Scarce evidence that chronic pain treatments work

August 15, 2000

Whether most methods of treating chronic pain actually help the patient is unclear. Because they are without a scientific foundation, it is often difficult for doctors to decide on a particular kind of treatment because of a lack of information. An epidemiological study carried out in the Netherlands states that.

A representative survey by Maastricht University in collaboration with Amsterdam Vrije Universiteit with financial support from NWO's Council for Medical and Health Research.shows that some 18% of the Dutch population suffer from chronic pain (pain which lasts longer than six months). Among the most frequent problems are lower back pain, (tension) headaches and abdominal pain as a result of irritable bowel syndrome. Neck and shoulder pain, fibromyalgia and stump or phantom limb pain also count as symptoms without a clear cause, and they can therefore not be treated as specifically as other types of pain. The patients involved therefore constantly find themselves going back to their family doctor, specialist or physiotherapist.

The NWO project involved almost 5000 doctors and other health care workers. Analysis of the data collected shows that chronic pain is treated in a large number of different ways, with the family doctor playing a key role. He refers pain patients to other care providers, often various different ones, who are unable to help them and so refer them back to the family doctor again.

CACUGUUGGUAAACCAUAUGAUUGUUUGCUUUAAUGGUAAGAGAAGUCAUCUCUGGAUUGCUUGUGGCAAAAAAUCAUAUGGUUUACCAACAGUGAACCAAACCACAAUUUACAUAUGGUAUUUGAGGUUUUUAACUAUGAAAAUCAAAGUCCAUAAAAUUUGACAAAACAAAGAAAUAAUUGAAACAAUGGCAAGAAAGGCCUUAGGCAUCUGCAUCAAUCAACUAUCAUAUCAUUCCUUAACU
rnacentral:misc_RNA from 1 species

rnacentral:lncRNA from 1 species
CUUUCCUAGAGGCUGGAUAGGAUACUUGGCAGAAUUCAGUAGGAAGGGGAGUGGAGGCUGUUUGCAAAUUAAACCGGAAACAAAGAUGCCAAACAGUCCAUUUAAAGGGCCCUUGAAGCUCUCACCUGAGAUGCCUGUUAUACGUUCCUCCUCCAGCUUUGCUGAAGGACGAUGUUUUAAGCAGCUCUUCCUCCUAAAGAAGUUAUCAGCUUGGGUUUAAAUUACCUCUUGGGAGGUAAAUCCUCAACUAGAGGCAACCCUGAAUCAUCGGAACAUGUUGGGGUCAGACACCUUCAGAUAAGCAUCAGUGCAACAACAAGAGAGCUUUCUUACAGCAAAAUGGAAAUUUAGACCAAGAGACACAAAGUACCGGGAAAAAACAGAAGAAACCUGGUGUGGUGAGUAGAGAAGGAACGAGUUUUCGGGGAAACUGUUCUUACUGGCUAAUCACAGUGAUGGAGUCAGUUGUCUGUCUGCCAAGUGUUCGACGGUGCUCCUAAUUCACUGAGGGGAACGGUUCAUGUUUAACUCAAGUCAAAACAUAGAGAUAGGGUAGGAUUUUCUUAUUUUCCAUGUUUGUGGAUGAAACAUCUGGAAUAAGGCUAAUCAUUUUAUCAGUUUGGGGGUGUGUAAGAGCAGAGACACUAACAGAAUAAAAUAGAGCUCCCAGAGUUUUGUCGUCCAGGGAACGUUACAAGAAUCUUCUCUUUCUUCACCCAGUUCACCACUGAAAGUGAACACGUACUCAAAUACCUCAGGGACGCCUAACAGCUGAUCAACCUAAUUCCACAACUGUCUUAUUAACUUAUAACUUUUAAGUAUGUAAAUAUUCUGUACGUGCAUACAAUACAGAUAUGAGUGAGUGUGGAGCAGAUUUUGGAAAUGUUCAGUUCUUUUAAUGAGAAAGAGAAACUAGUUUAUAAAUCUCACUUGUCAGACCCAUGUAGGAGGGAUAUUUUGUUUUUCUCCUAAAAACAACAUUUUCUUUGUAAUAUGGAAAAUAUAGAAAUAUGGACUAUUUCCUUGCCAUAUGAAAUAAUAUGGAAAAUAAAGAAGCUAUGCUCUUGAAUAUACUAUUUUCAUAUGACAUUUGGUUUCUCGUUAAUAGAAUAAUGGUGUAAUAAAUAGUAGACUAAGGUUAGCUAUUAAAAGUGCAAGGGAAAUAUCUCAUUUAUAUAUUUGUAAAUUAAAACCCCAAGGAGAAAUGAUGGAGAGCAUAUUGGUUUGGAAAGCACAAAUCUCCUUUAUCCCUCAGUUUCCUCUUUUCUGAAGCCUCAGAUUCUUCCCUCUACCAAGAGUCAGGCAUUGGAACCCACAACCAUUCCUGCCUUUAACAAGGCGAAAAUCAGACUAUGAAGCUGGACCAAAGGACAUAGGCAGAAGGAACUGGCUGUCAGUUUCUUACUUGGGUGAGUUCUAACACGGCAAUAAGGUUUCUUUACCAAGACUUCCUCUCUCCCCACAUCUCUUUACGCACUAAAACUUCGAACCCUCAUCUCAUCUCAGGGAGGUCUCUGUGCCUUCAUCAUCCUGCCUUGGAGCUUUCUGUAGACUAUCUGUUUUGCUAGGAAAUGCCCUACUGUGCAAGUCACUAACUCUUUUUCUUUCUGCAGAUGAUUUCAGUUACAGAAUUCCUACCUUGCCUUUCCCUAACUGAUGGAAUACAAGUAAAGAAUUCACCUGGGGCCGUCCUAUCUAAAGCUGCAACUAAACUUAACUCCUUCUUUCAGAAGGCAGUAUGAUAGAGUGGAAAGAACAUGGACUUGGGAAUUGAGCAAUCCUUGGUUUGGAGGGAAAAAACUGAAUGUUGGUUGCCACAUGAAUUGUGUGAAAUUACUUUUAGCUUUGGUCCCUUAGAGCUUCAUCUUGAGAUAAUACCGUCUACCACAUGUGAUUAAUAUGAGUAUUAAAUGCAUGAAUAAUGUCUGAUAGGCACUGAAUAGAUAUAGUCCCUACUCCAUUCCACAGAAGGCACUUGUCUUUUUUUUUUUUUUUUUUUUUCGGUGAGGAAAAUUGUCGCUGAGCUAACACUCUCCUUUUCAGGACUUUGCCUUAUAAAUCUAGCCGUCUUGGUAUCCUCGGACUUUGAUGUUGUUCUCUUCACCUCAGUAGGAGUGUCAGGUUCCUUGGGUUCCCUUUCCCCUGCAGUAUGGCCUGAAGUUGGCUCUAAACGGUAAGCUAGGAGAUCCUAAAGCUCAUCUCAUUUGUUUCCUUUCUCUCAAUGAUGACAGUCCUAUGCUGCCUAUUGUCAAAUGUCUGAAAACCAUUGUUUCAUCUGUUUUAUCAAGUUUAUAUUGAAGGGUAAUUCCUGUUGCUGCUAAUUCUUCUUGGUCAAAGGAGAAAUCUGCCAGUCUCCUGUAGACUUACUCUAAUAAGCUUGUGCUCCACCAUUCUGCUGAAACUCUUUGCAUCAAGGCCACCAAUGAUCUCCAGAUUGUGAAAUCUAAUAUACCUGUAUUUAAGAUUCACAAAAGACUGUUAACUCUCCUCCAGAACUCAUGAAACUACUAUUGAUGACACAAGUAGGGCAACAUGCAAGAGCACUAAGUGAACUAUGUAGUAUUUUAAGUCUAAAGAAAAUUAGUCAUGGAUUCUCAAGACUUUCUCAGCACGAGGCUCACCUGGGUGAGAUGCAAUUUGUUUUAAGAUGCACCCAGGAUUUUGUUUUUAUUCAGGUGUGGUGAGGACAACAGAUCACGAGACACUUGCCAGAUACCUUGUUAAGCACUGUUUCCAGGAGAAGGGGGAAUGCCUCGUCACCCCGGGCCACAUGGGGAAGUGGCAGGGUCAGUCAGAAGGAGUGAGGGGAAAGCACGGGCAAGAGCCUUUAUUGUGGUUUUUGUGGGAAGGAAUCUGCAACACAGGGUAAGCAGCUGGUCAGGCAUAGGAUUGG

Study of the literature shows that the scientific basis for most of the methods of treating pain which are used in the Netherlands is inadequate. On the other hand, there is also no proof that a certain treatment is ineffective. The conclusion is that not enough research has gone into studying the effects of treatments for pain, and when research has in fact been done the results are contradictory. The lack of a proper survey of the various studies of the effects may be one of the reasons for the great variety of treatment methods used for chronic pain.
Further information:
Mariëlle Kroese (Maastricht University)
T 31-43-388-23-74
F 31-43-350-39-00


Dr Riekie de Vet (Amsterdam Vrije Universiteit)
T +31-20-444-81-76
F +31-20-444-81-81

Netherlands Organization for Scientific Research

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